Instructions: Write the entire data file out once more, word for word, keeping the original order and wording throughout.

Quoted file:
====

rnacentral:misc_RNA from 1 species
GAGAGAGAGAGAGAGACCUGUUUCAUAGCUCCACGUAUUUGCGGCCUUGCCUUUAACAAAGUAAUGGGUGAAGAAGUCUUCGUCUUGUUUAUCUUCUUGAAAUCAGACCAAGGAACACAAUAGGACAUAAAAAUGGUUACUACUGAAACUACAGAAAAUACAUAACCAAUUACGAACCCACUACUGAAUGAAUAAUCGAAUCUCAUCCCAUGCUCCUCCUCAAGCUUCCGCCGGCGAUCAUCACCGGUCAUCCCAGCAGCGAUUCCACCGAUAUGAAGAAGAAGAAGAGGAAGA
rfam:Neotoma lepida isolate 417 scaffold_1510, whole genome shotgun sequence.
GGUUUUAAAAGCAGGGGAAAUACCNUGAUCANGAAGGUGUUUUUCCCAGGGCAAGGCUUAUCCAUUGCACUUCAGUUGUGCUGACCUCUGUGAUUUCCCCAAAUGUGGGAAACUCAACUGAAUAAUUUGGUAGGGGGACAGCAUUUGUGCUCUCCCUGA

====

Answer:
rnacentral:misc_RNA from 1 species
GAGAGAGAGAGAGAGACCUGUUUCAUAGCUCCACGUAUUUGCGGCCUUGCCUUUAACAAAGUAAUGGGUGAAGAAGUCUUCGUCUUGUUUAUCUUCUUGAAAUCAGACCAAGGAACACAAUAGGACAUAAAAAUGGUUACUACUGAAACUACAGAAAAUACAUAACCAAUUACGAACCCACUACUGAAUGAAUAAUCGAAUCUCAUCCCAUGCUCCUCCUCAAGCUUCCGCCGGCGAUCAUCACCGGUCAUCCCAGCAGCGAUUCCACCGAUAUGAAGAAGAAGAAGAGGAAGA
rfam:Neotoma lepida isolate 417 scaffold_1510, whole genome shotgun sequence.
GGUUUUAAAAGCAGGGGAAAUACCNUGAUCANGAAGGUGUUUUUCCCAGGGCAAGGCUUAUCCAUUGCACUUCAGUUGUGCUGACCUCUGUGAUUUCCCCAAAUGUGGGAAACUCAACUGAAUAAUUUGGUAGGGGGACAGCAUUUGUGCUCUCCCUGA